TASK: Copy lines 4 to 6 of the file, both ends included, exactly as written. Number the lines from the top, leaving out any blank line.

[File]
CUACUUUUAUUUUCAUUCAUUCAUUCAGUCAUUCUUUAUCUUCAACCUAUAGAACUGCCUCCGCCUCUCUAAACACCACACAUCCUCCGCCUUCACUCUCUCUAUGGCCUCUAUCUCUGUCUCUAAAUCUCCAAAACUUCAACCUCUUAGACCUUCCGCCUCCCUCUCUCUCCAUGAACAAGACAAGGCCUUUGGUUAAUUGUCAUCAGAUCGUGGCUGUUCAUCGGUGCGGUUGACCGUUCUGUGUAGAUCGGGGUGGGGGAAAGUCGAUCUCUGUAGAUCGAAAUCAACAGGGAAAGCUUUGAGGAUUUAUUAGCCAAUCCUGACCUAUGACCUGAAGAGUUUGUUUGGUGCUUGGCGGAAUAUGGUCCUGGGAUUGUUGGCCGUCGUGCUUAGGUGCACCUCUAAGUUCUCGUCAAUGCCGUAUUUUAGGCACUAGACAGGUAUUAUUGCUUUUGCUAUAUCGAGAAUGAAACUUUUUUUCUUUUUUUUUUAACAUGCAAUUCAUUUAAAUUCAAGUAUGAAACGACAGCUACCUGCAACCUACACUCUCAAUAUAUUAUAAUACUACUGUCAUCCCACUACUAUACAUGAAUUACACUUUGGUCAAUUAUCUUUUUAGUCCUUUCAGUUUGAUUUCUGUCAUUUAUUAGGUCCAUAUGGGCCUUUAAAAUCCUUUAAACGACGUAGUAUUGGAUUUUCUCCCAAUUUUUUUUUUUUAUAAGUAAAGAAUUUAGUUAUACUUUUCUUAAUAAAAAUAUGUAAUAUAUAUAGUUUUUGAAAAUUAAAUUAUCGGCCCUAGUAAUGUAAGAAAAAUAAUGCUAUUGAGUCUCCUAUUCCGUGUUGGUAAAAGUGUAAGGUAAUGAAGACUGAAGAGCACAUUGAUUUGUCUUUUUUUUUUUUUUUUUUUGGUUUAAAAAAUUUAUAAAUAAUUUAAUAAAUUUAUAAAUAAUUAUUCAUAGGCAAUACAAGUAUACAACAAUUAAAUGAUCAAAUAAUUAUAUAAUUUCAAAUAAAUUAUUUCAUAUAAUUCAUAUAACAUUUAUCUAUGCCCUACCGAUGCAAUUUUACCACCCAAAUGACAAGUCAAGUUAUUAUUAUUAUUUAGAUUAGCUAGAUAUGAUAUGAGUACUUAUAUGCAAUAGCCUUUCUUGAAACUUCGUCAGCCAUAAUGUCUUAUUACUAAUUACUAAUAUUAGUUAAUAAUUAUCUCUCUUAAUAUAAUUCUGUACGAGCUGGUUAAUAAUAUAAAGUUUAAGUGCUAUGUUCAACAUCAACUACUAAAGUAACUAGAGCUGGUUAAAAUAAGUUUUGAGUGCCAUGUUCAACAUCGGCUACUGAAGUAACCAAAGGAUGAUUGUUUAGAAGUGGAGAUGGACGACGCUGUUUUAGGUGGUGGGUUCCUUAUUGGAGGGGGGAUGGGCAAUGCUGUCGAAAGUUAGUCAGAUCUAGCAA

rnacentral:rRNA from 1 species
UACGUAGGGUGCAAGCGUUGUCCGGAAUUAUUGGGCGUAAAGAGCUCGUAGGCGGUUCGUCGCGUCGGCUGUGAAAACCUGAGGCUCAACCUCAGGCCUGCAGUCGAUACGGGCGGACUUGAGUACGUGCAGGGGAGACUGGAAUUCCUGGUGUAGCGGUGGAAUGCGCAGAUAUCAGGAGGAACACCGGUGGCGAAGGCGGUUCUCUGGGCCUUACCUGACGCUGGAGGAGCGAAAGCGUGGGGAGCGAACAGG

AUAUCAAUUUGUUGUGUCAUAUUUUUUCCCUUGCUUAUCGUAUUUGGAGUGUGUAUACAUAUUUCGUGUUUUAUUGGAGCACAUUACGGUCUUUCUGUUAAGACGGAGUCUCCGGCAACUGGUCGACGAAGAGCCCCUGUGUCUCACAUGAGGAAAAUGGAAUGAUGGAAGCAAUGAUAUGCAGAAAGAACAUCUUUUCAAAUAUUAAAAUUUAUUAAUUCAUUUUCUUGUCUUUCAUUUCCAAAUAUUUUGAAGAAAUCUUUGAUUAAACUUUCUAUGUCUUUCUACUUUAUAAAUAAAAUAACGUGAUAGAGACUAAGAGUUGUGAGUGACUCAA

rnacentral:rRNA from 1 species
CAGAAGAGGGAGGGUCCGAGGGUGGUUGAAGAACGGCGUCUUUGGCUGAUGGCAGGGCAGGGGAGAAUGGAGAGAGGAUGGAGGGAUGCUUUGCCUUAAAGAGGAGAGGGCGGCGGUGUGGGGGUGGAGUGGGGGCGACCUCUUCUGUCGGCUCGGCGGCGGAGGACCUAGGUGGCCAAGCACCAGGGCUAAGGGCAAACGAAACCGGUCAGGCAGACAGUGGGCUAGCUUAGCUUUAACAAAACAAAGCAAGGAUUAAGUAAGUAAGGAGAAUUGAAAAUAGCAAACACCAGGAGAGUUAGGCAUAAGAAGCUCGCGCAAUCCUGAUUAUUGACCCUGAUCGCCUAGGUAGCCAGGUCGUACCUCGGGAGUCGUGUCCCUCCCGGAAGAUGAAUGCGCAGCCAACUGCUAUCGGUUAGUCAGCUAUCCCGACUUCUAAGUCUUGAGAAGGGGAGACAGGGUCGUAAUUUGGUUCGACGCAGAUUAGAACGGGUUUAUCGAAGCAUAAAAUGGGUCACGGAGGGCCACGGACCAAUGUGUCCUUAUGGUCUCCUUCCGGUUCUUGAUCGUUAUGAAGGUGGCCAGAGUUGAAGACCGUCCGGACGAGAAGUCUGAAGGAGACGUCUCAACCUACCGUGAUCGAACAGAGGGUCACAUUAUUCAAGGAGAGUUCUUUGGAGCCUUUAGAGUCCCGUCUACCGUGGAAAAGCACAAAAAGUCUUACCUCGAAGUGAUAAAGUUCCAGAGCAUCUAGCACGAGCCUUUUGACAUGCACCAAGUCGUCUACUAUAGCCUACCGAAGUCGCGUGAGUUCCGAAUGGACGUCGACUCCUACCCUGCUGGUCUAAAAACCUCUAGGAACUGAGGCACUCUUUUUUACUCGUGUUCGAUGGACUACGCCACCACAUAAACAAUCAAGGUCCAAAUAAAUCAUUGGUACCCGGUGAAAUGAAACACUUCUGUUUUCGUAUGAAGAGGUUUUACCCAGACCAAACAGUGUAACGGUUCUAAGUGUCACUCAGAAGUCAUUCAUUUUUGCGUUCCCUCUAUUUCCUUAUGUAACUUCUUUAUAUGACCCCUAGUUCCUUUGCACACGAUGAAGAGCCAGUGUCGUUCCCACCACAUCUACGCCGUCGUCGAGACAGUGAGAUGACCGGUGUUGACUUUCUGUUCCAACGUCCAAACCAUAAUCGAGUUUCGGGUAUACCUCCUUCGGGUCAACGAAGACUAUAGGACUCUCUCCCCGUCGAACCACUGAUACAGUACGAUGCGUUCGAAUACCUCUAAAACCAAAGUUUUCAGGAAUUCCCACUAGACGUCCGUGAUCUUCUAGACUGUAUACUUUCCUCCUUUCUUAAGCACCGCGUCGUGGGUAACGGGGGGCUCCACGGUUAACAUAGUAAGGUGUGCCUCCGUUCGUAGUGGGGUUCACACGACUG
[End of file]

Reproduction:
AUAUCAAUUUGUUGUGUCAUAUUUUUUCCCUUGCUUAUCGUAUUUGGAGUGUGUAUACAUAUUUCGUGUUUUAUUGGAGCACAUUACGGUCUUUCUGUUAAGACGGAGUCUCCGGCAACUGGUCGACGAAGAGCCCCUGUGUCUCACAUGAGGAAAAUGGAAUGAUGGAAGCAAUGAUAUGCAGAAAGAACAUCUUUUCAAAUAUUAAAAUUUAUUAAUUCAUUUUCUUGUCUUUCAUUUCCAAAUAUUUUGAAGAAAUCUUUGAUUAAACUUUCUAUGUCUUUCUACUUUAUAAAUAAAAUAACGUGAUAGAGACUAAGAGUUGUGAGUGACUCAA

rnacentral:rRNA from 1 species
CAGAAGAGGGAGGGUCCGAGGGUGGUUGAAGAACGGCGUCUUUGGCUGAUGGCAGGGCAGGGGAGAAUGGAGAGAGGAUGGAGGGAUGCUUUGCCUUAAAGAGGAGAGGGCGGCGGUGUGGGGGUGGAGUGGGGGCGACCUCUUCUGUCGGCUCGGCGGCGGAGGACCUAGGUGGCCAAGCACCAGGGCUAAGGGCAAACGAAACCGGUCAGGCAGACAGUGGGCUAGCUUAGCUUUAACAAAACAAAGCAAGGAUUAAGUAAGUAAGGAGAAUUGAAAAUAGCAAACACCAGGAGAGUUAGGCAUAAGAAGCUCGCGCAAUCCUGAUUAUUGACCCUGAUCGCCUAGGUAGCCAGGUCGUACCUCGGGAGUCGUGUCCCUCCCGGAAGAUGAAUGCGCAGCCAACUGCUAUCGGUUAGUCAGCUAUCCCGACUUCUAAGUCUUGAGAAGGGGAGACAGGGUCGUAAUUUGGUUCGACGCAGAUUAGAACGGGUUUAUCGAAGCAUAAAAUGGGUCACGGAGGGCCACGGACCAAUGUGUCCUUAUGGUCUCCUUCCGGUUCUUGAUCGUUAUGAAGGUGGCCAGAGUUGAAGACCGUCCGGACGAGAAGUCUGAAGGAGACGUCUCAACCUACCGUGAUCGAACAGAGGGUCACAUUAUUCAAGGAGAGUUCUUUGGAGCCUUUAGAGUCCCGUCUACCGUGGAAAAGCACAAAAAGUCUUACCUCGAAGUGAUAAAGUUCCAGAGCAUCUAGCACGAGCCUUUUGACAUGCACCAAGUCGUCUACUAUAGCCUACCGAAGUCGCGUGAGUUCCGAAUGGACGUCGACUCCUACCCUGCUGGUCUAAAAACCUCUAGGAACUGAGGCACUCUUUUUUACUCGUGUUCGAUGGACUACGCCACCACAUAAACAAUCAAGGUCCAAAUAAAUCAUUGGUACCCGGUGAAAUGAAACACUUCUGUUUUCGUAUGAAGAGGUUUUACCCAGACCAAACAGUGUAACGGUUCUAAGUGUCACUCAGAAGUCAUUCAUUUUUGCGUUCCCUCUAUUUCCUUAUGUAACUUCUUUAUAUGACCCCUAGUUCCUUUGCACACGAUGAAGAGCCAGUGUCGUUCCCACCACAUCUACGCCGUCGUCGAGACAGUGAGAUGACCGGUGUUGACUUUCUGUUCCAACGUCCAAACCAUAAUCGAGUUUCGGGUAUACCUCCUUCGGGUCAACGAAGACUAUAGGACUCUCUCCCCGUCGAACCACUGAUACAGUACGAUGCGUUCGAAUACCUCUAAAACCAAAGUUUUCAGGAAUUCCCACUAGACGUCCGUGAUCUUCUAGACUGUAUACUUUCCUCCUUUCUUAAGCACCGCGUCGUGGGUAACGGGGGGCUCCACGGUUAACAUAGUAAGGUGUGCCUCCGUUCGUAGUGGGGUUCACACGACUG